nLab
exchange law

Context

Higher category theory

higher category theory

Basic concepts

Basic theorems

Applications

Models

Morphisms

Functors

Universal constructions

Extra properties and structure

1-categorical presentations

Contents

Idea

In higher category theory, the exchange law, or interchange law, states that the multiple ways of forming the composite of a pasting diagram of k-morphisms are equivalent.

Examples

The first exchange law (often called the exchange law) asserts that for composition of 2-morphisms we have an equivalence

1 3 0 2 4 3 0 2 4 1 3 0 2 4 1 0 2 4 \array{ && 1 &&&& 3 \\ & \nearrow &\Uparrow& \searrow && \nearrow && \searrow \\ 0 &&\to&& 2 && && 4 \\ && &&&& 3 \\ & && && \nearrow &\Uparrow& \searrow \\ 0 &&\to&& 2 && \to && 4 } \;\;\;\;\;\; \simeq \;\;\;\;\;\; \array{ && 1 &&&& 3 \\ & \nearrow && \searrow && \nearrow &\Uparrow& \searrow \\ 0 &&&& 2 && \to && 4 \\ && 1 &&&& \\ & \nearrow &\Uparrow& \searrow && && \\ 0 &&\to && 2 && \to && 4 }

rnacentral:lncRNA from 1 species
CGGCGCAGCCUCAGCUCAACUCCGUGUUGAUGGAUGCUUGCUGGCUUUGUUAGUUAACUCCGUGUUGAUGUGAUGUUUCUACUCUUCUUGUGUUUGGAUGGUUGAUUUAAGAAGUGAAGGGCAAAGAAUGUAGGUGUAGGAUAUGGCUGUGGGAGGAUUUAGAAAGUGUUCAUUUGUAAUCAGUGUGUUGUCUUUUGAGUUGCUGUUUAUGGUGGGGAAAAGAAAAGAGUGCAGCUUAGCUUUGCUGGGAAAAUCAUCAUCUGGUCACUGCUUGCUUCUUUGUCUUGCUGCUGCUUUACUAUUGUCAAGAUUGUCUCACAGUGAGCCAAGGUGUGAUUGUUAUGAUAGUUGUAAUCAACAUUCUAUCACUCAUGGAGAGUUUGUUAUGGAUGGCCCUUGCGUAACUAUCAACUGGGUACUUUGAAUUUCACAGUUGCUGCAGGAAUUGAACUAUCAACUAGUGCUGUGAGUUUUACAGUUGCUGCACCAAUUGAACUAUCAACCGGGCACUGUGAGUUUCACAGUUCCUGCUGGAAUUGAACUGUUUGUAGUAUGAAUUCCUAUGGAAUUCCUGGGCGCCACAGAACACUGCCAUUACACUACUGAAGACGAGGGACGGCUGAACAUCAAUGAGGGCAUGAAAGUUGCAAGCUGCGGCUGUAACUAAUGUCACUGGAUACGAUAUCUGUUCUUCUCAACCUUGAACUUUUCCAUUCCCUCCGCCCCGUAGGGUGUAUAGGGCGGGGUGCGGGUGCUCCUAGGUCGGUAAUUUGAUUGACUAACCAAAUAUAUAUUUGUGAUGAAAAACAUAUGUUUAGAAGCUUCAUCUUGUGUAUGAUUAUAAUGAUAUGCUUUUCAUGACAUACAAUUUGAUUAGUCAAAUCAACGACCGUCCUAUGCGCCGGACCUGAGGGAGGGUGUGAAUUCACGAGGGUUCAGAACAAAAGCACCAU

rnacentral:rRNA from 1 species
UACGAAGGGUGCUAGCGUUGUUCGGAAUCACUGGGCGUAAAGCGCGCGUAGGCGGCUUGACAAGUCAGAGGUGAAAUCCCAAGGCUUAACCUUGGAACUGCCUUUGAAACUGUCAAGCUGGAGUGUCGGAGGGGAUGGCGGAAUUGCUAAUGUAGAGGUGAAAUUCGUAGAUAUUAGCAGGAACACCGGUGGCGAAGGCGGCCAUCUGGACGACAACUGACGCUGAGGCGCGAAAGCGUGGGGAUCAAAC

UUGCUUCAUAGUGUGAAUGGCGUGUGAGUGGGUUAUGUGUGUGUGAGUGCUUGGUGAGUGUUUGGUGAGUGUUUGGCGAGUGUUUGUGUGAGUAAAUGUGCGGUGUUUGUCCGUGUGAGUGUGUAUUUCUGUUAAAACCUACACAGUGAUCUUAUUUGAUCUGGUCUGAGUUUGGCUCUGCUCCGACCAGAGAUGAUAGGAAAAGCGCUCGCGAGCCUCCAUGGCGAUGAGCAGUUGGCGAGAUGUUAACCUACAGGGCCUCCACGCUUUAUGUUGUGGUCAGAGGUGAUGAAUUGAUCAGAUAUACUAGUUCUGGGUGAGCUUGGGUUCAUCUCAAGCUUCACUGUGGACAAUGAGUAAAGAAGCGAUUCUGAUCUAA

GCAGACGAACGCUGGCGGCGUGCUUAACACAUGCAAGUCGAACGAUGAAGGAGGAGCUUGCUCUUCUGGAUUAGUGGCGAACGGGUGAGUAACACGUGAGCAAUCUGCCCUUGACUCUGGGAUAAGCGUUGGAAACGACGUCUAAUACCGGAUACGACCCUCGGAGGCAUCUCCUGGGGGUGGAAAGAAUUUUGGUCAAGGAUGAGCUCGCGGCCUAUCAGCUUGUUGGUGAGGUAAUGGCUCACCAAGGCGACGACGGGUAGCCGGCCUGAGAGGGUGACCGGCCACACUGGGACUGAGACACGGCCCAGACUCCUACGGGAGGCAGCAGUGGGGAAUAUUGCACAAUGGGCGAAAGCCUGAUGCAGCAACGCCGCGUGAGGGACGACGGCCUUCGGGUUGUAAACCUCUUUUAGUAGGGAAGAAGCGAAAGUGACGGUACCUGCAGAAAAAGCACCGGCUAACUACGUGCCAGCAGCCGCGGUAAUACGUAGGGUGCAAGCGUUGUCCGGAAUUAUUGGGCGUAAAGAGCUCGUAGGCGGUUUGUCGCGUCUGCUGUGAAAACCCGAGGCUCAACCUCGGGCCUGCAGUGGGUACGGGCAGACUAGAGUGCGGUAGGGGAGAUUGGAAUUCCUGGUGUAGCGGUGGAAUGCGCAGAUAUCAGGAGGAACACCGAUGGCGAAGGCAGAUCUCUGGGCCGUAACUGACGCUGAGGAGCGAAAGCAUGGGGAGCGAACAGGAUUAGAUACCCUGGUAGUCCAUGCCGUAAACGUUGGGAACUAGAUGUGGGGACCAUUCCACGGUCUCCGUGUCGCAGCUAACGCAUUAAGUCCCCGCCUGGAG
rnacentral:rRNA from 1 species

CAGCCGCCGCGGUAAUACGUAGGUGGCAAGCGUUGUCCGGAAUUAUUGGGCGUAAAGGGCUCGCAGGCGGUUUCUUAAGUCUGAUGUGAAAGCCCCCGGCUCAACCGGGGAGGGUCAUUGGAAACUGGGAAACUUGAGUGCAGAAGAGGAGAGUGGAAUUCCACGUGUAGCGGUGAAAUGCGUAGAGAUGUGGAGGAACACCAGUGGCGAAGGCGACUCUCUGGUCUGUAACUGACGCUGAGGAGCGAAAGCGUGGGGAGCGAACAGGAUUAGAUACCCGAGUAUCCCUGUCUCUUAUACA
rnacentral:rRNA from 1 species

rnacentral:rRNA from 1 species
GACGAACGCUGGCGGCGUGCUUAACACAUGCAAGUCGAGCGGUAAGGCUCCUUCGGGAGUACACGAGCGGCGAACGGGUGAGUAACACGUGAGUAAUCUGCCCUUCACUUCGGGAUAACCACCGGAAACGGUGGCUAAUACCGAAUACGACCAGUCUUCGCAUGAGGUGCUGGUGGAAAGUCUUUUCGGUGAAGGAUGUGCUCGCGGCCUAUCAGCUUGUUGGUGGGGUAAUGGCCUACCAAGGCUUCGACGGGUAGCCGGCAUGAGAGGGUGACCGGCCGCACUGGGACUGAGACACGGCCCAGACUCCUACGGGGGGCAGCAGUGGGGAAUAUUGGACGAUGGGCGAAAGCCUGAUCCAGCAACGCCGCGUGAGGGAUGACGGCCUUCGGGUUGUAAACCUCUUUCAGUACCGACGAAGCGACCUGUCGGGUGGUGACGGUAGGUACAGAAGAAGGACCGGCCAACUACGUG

asserting a compatibility of horizontal composition and vertical composition of 2-morphisms.

In a bicategory this equivalence is an identity. In even higher (and non-semi-strict) category theory, the interchange law becomes a higher morphism itself: the exchanger.

Combinatorics of exchange laws

One way to capture all exchange laws combinatorially is encoded by the cosimplicial sSetsSet-cateory S:ΔsSetCatS : \Delta \to sSet Cat that induces the homotopy coherent nerve. See there for more details on how this encodes the exchange laws.

Revised on August 31, 2010 04:53:16 by Urs Schreiber (87.212.203.135)